Technology means assessments can focus on more than just multiple-choice. Can testing keep up?
When we imagine the future of assessment it’s easy to envision all sorts of impressive ways to help gauge what students know and what they can do. Gaming and simulations, especially, create all kinds of possibilities.
But the major focus of assessment technology in recent years, of course, has been on efficiency of test delivery and administration—with little true innovation making it to students’ test booklets or computer screens.…Read More
Homegrown online assessments prove invaluable to one district
Assessments are critical to our efforts to improve instruction in K-12 education. Yet, in an age when students are accessing a vast array of resources on computers, tablets, and mobile devices, some school districts are still hesitant to take their assessments online.
At Hopewell Valley Regional School District (HVRSD), we began the transition to online assessment more than three years ago. Across the district, our teachers have created a number of online assessments—individually and through their work in professional learning communities—for use in our district. Since then, we’ve found that online assessments offer several distinct advantages over paper-and-pencil assessments.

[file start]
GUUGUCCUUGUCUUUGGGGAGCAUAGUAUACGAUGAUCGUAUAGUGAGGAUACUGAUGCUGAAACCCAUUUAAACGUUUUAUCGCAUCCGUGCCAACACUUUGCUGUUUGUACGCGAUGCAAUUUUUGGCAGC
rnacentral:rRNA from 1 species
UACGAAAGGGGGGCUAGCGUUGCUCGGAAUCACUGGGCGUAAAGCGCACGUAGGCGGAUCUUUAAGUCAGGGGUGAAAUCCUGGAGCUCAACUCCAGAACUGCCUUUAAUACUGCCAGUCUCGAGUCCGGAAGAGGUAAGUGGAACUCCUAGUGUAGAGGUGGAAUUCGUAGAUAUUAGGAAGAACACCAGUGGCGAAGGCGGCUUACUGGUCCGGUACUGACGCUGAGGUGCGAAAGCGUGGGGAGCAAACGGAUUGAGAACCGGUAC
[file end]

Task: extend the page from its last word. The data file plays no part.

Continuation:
Within just a few hours of the first test being administered, it became clear that the district wasn’t as ready as it thought it was. “The first day of testing can be described as nothing short of a disaster,” says Clough. “Now that the first round of testing is complete, we’ll have to start unpacking things and figure out exactly what went wrong.”…Read More
An elearning pro shares how to prioritize to make the transition to online assessments smoother
As with anything in life, certain tradeoffs must happen in order for schools to spread already-thin resources across all critical projects. Schools already face this challenge on a daily basis, and now they must become Common Core assessment-ready at a time when resources are especially tight.
“In the end, there have to be some projects and/or expenses that receive lower priority within the district,” says Thomas Ryan, Ph.D., CEO at eLearn Institute, Inc., a nonprofit that helps districts prepare online learning strategies. “At this point, any prioritization that takes place really has to be based on district-wide, long-term decisions.”
Transitioning to a data-driven system
In looking at the digital education shift as a whole, Ryan says some schools are “holding onto the old way of doing things” even as they realize that the shift to online assessments is going to have to happen. “Trying to support a paper-based instructional model and a digital-based model is just too expensive,” says Ryan. “Unless there’s a stream of new funding coming in, schools really need to start putting [digital] transition plans in place.”…Read More